Among most speakers of English, "with" needs something to go with it.
"Can I come with? Can you take me with?" and similar questions are heard from some speakers, especially in areas influenced by settlers from Scandinavia or Germany such as Wisconsin and Michigan. (There, the preposition is not orphaned but, at least in German, part of a separable verb such as "mitkommen, mitnehmen".)
The usage strikes many other speakers of English as wrong, though, which is proabbly why Duolingo doesn't accept it, and required "Can I come with you? Can you take me with you?"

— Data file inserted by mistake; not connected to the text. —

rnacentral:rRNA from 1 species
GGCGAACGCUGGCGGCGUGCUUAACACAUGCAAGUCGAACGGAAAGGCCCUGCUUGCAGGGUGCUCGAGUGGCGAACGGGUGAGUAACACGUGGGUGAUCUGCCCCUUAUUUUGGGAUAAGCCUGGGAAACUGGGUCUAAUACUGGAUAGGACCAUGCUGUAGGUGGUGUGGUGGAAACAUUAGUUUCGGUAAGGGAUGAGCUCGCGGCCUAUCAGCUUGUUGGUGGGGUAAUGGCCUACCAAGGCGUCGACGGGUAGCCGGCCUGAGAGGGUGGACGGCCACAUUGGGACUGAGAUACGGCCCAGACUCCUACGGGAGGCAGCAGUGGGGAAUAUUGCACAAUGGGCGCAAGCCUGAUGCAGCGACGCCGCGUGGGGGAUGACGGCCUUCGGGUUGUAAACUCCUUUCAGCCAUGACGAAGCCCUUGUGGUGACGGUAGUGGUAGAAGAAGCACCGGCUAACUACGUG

Similarly with other regionalisms such as "You want I should clean you car?" or "It needs fixed" or "It done broke".
When i moved to Georgia, i got used to hearing these phrases from Georgians and Tennesseeans!
Rather than the translation into English - If I was to say "Kan du tage mig" would that sound really strange to a Danish person?
That sounds like a half-done sentence. The 'med' is important for the meaning here, being some kind of 'along (with you)'. "Kan du tage mig" on its own has a bit of the same indecent meaning as the English "taking me".